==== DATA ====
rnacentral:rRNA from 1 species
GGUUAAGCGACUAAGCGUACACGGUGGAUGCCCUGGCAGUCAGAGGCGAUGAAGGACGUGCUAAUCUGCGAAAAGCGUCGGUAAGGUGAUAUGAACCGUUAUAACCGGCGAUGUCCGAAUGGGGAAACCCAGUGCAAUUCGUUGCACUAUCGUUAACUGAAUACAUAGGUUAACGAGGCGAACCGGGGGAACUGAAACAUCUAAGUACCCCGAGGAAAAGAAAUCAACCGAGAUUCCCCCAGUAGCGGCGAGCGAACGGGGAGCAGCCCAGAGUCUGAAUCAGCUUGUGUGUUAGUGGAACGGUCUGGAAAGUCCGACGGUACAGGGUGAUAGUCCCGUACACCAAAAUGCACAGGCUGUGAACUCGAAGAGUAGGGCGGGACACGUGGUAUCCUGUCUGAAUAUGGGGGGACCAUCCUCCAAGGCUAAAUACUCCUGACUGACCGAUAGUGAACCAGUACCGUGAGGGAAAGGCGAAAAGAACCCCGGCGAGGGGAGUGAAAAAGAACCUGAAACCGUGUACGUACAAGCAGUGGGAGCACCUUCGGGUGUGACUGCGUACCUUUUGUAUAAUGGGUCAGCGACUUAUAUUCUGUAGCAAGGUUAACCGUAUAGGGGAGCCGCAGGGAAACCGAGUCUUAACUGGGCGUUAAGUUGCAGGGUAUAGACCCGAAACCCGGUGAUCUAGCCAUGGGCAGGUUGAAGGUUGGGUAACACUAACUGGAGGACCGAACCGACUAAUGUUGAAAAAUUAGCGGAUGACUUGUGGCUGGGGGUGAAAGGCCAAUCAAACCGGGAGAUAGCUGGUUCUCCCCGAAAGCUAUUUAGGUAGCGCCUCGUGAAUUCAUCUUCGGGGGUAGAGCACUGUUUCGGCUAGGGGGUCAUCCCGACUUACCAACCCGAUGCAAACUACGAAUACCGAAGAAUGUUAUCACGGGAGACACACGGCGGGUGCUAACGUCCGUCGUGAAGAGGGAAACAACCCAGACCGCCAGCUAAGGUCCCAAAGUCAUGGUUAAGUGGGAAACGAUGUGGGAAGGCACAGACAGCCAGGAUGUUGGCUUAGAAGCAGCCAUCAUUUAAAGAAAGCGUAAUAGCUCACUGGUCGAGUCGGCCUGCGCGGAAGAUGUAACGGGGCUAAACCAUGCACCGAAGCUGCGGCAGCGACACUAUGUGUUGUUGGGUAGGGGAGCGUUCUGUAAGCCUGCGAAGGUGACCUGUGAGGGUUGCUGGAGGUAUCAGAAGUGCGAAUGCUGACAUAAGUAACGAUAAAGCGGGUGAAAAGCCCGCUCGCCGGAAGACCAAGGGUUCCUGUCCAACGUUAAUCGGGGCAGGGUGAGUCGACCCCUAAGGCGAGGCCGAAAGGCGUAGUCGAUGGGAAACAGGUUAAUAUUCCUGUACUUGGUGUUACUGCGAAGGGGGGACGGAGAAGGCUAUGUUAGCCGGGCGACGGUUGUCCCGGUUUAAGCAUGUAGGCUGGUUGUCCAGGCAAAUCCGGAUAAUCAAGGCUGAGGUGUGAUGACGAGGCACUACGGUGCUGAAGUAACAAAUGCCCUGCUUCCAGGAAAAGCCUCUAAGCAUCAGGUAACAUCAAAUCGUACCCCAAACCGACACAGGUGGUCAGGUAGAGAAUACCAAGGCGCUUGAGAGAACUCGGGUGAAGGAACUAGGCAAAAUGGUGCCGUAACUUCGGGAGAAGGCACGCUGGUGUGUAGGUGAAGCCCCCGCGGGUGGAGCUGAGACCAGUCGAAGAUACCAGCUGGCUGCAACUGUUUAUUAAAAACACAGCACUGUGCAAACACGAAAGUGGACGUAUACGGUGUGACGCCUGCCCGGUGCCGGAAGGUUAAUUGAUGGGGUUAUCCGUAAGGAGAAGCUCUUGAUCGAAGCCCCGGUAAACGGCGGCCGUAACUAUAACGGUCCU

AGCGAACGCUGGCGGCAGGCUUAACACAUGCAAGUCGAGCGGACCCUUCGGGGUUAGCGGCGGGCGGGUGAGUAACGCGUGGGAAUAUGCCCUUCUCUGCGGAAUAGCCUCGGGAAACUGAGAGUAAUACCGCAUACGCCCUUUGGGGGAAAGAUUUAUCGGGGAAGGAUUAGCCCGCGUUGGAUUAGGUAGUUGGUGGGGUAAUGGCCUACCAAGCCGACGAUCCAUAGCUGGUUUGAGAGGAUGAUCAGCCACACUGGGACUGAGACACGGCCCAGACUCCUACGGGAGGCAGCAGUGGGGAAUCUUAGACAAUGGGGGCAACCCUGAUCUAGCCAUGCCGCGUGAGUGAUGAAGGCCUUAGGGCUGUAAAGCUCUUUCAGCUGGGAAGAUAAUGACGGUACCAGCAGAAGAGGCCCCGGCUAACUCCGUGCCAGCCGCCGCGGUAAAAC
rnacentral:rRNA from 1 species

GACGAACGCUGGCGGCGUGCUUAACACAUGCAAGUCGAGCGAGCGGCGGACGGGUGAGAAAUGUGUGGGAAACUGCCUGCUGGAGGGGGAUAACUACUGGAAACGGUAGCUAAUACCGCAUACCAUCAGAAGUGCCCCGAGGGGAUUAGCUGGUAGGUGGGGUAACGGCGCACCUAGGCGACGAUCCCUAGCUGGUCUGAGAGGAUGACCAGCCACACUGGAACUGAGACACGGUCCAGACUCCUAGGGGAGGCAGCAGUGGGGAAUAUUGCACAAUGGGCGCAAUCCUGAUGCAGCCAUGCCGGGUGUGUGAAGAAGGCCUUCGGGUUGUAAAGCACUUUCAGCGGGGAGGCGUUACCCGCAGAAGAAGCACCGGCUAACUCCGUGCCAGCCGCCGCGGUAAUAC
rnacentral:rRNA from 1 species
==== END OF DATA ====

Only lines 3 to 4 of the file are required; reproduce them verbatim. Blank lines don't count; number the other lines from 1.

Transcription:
AGCGAACGCUGGCGGCAGGCUUAACACAUGCAAGUCGAGCGGACCCUUCGGGGUUAGCGGCGGGCGGGUGAGUAACGCGUGGGAAUAUGCCCUUCUCUGCGGAAUAGCCUCGGGAAACUGAGAGUAAUACCGCAUACGCCCUUUGGGGGAAAGAUUUAUCGGGGAAGGAUUAGCCCGCGUUGGAUUAGGUAGUUGGUGGGGUAAUGGCCUACCAAGCCGACGAUCCAUAGCUGGUUUGAGAGGAUGAUCAGCCACACUGGGACUGAGACACGGCCCAGACUCCUACGGGAGGCAGCAGUGGGGAAUCUUAGACAAUGGGGGCAACCCUGAUCUAGCCAUGCCGCGUGAGUGAUGAAGGCCUUAGGGCUGUAAAGCUCUUUCAGCUGGGAAGAUAAUGACGGUACCAGCAGAAGAGGCCCCGGCUAACUCCGUGCCAGCCGCCGCGGUAAAAC
rnacentral:rRNA from 1 species